After five years out of the classroom, I’m back at my current district, teaching AP U.S. History to a group of sophomore students. The course is part of a wider initiative whereby our high school students will have the opportunity to graduate with both their high school diploma and their associate degree from a local community college. My role is to use AP History as a vehicle to prepare students for reading college-level texts and providing analysis.
Quite naturally, I prepare my students by having them engage with college-level texts on U.S. history as part of their classwork. Thankfully, I don’t have parents demanding that my students not learn about certain truths of the United States’ past.
Equitable Education Alliance (EEA) is a community of practice for organizations; ministries, agencies and NGO’s who strives to push for a more inclusive and equitable educational system while enhancing the performance of existing equitable education organizations at all levels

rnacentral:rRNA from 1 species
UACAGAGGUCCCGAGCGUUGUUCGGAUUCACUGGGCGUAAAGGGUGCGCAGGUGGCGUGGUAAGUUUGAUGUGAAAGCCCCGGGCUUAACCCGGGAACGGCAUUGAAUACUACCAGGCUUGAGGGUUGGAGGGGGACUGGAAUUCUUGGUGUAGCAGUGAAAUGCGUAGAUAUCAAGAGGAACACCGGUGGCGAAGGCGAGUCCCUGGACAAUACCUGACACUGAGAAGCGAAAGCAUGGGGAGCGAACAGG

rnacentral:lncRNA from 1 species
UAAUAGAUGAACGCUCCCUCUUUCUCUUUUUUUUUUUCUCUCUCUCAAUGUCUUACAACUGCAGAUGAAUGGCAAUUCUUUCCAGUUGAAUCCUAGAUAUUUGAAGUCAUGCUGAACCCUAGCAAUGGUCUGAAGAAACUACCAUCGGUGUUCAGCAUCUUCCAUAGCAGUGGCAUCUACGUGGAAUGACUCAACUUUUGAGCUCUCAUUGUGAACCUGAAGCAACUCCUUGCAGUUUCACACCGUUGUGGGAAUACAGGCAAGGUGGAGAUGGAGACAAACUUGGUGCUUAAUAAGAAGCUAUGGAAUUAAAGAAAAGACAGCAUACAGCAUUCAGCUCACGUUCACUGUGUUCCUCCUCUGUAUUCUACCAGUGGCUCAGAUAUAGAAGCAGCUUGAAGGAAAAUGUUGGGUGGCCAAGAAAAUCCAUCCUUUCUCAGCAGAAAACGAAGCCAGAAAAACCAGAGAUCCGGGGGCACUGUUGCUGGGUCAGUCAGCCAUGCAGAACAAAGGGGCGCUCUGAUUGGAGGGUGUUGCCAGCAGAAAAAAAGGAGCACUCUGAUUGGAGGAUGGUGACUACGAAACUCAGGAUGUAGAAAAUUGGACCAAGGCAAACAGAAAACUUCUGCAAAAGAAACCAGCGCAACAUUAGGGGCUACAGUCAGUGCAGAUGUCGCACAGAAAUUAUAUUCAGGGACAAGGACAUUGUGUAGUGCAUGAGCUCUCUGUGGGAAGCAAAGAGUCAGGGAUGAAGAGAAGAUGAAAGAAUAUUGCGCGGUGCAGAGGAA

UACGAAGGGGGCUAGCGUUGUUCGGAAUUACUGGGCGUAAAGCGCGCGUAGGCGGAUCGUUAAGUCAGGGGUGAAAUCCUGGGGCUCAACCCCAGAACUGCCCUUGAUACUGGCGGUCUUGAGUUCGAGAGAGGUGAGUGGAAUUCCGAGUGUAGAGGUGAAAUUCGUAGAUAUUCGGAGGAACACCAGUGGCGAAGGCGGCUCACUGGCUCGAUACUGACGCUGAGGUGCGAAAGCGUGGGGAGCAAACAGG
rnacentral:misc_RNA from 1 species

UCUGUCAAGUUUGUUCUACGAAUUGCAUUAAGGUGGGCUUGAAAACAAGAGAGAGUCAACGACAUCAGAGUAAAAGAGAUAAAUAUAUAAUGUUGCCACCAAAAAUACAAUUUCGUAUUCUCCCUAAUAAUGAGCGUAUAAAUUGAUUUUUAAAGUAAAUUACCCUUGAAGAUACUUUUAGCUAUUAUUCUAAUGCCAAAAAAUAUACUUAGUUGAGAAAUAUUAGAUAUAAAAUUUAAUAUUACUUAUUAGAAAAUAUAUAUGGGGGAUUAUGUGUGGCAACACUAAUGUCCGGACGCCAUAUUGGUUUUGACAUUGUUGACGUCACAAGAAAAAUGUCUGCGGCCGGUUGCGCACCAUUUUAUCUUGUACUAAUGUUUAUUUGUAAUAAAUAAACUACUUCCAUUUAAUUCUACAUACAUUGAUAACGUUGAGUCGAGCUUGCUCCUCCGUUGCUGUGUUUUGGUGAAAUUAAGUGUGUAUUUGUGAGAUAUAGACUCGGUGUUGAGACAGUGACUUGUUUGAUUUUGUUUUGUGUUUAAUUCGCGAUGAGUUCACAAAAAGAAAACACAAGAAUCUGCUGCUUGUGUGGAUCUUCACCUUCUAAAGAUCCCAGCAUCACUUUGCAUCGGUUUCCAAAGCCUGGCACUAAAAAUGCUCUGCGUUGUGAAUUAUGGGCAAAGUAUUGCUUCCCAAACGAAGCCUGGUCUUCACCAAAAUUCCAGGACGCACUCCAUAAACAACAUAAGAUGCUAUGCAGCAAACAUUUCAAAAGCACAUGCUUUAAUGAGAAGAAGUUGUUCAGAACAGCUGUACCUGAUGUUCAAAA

This Website has been developed by the Lifelong Learning and Literacy Team, Educational Innovation and Skills Development, UNESCO Bangkok.
Disclaimer UNESCO does not warrant that the information, documents and materials contained in its website is complete and correct and shall not be liable whatsoever for any damages incurred as a result of its use.